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  • Writer's pictureKatheryn

Bunny Basics

Updated: Dec 6, 2020


There are so many great ways to raise rabbits out there and I'm going to tell you how we do it here on Sugarhill Homestead. If you need a little help deciding which type of enclosure to set up for your rabbitry, check out my article reviewing some pros and cons to each set up. On our homestead we raise all our rabbits in raised wire cages. We currently keep 6 breeding does and 1 buck, with 14 total cages.


Before we get into all the nitty gritty details, let me tell you why we began raising rabbits in the first place. Food security. Its that simple. we don't raise our rabbits as pets although, I like to think we still spoil them. Ultimately, we raise rabbits as a great lean and inexpensive source of protein. We love the way they taste and how easy they are to bring from the yard to the table (way easier than poultry!) Rabbits have been the quickest animal on the homestead to make a return on start up costs and then some!

This set up would work great in a small space!

I don't really think it matters what kind of rabbit you choose. What's more important is that you enjoy working with them and they can provide you with meat for the table. I haven't tried enough breeds to recommend one over the other. But I believe any pure or backyard breed will do. In the end they all serve the same purpose. Eventually I would like to try some standard rexs. Rex hides are so incredibly luxurious and I do save every hide from every rabbit we cull (just thinking of the lush throws I could make has me feeling warm and cozy).


As long as your rabbits are healthy, their care is one of the simplest on the homestead. It all boils down to water, feed, and hygiene. Whatever setup you choose, you rabbits will always need a good quality feed, hay, a clean abundant source of water, and a clean home environment.


Water

However you choose to distribute water to your rabbits, they need to have access to as much clean water as they can drink. We have tried bowls, bottles that hang on the cage, and our current gravity fed bowl system. We chose to use gravity fed bowls which you can find Here, because they simply work the best. Since installing them with our new wired enclosure, they haven't failed once. No nipples or balls getting stuck and no bunnies knocking over their bowls. This means our bunnies always have water. If you want to see how we set up our watering system you can find that article HERE. We found that every time our rabbits would stop eating in the past, 99% of the time, the cause was lack of water. No water means dehydration and an inability to digest food. So, if your rabbit stops eating, the first thing to check before you jump to drastic measures is their water! your water bottle may be full, but often times the ball or spring in the nipple will be stuck and bunny can't access water. Other times their water bowls can be knocked over or leaks can be present so bunny doesn't have access to water all the time. And sometimes rabbits can be finicky about their water. Be sure its clean, free of debris and bunny berries. Occasionally new rabbits have a tough time adjusting to water that is different from what they are used to, so I recommend bringing an empty gallon bottle or two with you when you purchase your bunny and asking the seller if it's alright for you fill them up while your there. This can make a new Rabbit's transition to your homestead easier.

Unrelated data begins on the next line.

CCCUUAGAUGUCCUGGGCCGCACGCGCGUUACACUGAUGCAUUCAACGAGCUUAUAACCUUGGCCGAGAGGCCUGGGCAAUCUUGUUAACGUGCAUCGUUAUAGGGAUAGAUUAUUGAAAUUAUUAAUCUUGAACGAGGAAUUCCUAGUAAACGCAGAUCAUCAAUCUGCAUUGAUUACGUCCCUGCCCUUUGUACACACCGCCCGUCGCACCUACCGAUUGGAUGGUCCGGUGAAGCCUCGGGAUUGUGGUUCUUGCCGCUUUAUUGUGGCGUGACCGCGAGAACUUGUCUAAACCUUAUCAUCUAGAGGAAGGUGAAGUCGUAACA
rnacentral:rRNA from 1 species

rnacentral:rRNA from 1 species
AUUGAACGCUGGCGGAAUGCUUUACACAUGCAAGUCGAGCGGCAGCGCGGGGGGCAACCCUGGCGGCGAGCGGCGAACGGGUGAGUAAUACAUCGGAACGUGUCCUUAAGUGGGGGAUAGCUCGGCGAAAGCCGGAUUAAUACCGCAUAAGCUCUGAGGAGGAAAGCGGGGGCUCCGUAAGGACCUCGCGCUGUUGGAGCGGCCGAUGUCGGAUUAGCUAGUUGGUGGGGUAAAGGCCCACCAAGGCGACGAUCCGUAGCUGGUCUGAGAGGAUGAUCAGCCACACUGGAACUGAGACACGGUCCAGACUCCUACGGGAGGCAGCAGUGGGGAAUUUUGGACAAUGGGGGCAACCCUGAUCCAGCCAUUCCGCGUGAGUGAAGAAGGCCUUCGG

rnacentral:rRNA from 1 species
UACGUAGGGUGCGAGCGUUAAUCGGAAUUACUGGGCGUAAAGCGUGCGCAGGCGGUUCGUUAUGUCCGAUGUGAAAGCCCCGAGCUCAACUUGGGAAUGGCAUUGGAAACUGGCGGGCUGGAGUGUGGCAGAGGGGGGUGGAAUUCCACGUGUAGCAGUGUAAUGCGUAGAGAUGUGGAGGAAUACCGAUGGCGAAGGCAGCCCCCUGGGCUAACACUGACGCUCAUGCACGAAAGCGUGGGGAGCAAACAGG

Feed

We went through a lot of feeds before we found one that worked for us. We use Mana Pro Pro Health formula for rabbits. Our rabbits receive 4oz of pelleted feed a day. Too much feed and they develop fat around their organs causing their health and

productivity to decline. Along with the pelleted feed each rabbit has access to as much hay as they can consume. Although rabbits can be fed a strict pelleted diet, hay helps aid in digestion and boredom. Because their pellets are mostly made up of alfalfa we give the rabbits timothy hay or perennial peanut depending on availability. We also added a block of wood stung on the sides of their enclosures with wire. If you do this be sure it is a wood that isn't toxic to rabbits, some good woods include fruit wood, kiln dried aspen, birch, and poplar. The hay and wood will help keep your rabbit's teeth short so you wont need to trim them.


Hygiene

Ensuring your rabbits have a clean place to live and raise their young (if your breeding) is also important. Ultimately we chose wired enclosures that hang off the ground for this purpose. If the area surrounding the rabbits isn't free of accumulating feces/urine your rabbits will have issues with respiratory problems and bugs. If you don't want to breath in that stench, neither do your rabbits! There are also some pretty nasty bugs out there such as the bot fly, which can burrow itself in your rabbits skin and muscle tissue and if disturbed release a toxin that can kill your rabbit. So DO keep your trays and under your enclosure clean. Its also important to keep the wire cage clean and free of buildup to help avoid problems like hutch burn.


Along with clean cages, the rabbit also needs some monthly maintenance. On the first of every month we trim nails and put drops of mineral oil in our rabbits ears. Short nails make our rabbits easier to handle. It also reduces the likelihood a mother rabbit will damage her kits in the nest when she goes to nurse. A monthly drop of mineral oil in each ear prevents the common problem of ear mites. Preventing ear mites is a bit easier than treating, although both are done with mineral oil.

This is a basic formula to care for any rabbit, where each bunny owner can make tweaks and adjustments for their lifestyle. As long as you are diligent in these three categories you can be a successful rabbit owner.




Sweet homesteading,

Katheryn Williams

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